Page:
A "lighter, smaller, and more ergonomic" version with a full development kit will ship to interested companies next year, Rubin says. This kit will include Unity and Unreal plug-ins, and will "instantly add realistic touch to virtually any 3D model, using the model's geometry, texture, and physics engine data to calculate appropriate tactile and force feedback", he says. The Maestro glove already has an SDK available, and supports the same engines.
Yet another take on haptics is being provided by researchers at Stanford University, who have managed to create objects that can change shape in your hand using a technique called "haptic jamming".
Different cells in a lattice can either be inflated with air or "jammed" stiff by vacuuming the air out of them – just like a packet of ground coffee, according to PhD student Margaret Koehler working on the project. The idea is that this creates a customisable surface that could mimic textures in VR.
The team, having created 2D lattices of cells, are now working on what Koehler calls a "fully 3D display where you have something more like a ball that you could grasp". It starts out as a sphere, but cells can jam to change it into different shapes, she says.
However, they require a "big umbilical cord" to supply them with air, meaning the system is much more likely to be table-mounted, perhaps to simulate a human torso during surgery training.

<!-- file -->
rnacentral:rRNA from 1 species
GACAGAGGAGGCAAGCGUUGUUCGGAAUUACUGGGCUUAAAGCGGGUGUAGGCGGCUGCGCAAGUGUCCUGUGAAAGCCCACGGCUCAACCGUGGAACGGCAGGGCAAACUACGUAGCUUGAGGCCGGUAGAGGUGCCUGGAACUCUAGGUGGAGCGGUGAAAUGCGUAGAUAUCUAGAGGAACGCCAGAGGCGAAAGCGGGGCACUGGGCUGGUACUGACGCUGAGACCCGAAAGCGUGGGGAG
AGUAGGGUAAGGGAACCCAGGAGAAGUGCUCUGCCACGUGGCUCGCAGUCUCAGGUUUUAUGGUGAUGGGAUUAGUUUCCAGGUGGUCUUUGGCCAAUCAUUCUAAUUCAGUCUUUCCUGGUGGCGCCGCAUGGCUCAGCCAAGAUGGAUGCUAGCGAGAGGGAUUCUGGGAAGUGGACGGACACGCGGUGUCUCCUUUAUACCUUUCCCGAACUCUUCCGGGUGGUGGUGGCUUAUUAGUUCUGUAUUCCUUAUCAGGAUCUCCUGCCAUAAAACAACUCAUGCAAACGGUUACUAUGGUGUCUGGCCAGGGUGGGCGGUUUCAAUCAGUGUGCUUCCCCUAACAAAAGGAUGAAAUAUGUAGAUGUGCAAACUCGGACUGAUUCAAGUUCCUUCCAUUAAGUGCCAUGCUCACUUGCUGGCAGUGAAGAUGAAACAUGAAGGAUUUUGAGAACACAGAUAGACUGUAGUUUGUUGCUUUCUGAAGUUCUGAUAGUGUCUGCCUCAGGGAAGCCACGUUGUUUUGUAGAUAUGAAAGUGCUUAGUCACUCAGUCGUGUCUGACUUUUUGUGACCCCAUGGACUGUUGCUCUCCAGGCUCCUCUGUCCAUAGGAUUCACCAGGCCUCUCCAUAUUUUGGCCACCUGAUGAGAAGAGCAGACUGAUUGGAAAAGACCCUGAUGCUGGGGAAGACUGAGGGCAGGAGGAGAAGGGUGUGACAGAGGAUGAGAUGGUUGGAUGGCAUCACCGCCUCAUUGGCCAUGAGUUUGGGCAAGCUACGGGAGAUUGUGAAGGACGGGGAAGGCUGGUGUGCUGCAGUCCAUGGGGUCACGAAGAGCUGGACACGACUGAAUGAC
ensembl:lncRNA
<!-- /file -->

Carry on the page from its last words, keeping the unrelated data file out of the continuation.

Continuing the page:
Doing away with squishy spheres or sweaty gloves altogether are "mid-air haptics": the firing of sound, lasers or air puffs to create touchable textures in space. Ultrahaptics, founded in Bristol in 2013, says it can use ultrasound to create virtual knobs and dials for cars, stoves or mixing decks. But the technology could also be used in VR to simulate rain splashing against your skin, or the blast of air from a passing train, according to Sriram Subramanian, co-founder and a professor of informatics at the University of Sussex.
There are problems, though: one test of the technology reported a "distracting buzz when the ultrasound waves reverberate off the skin".
One Japanese lab has experimented with mid-air haptics using lasers, Subramanian notes, creating the sensation of sharp points that could mimic the tip of a knife or needle.
Development kits for Ultrahaptics are now available, with particular support for the Unity engine. Subramanian sees the technology being incorporated one day into VR setups "when and if VR takes off" commercially, rather than being directly sold to consumers.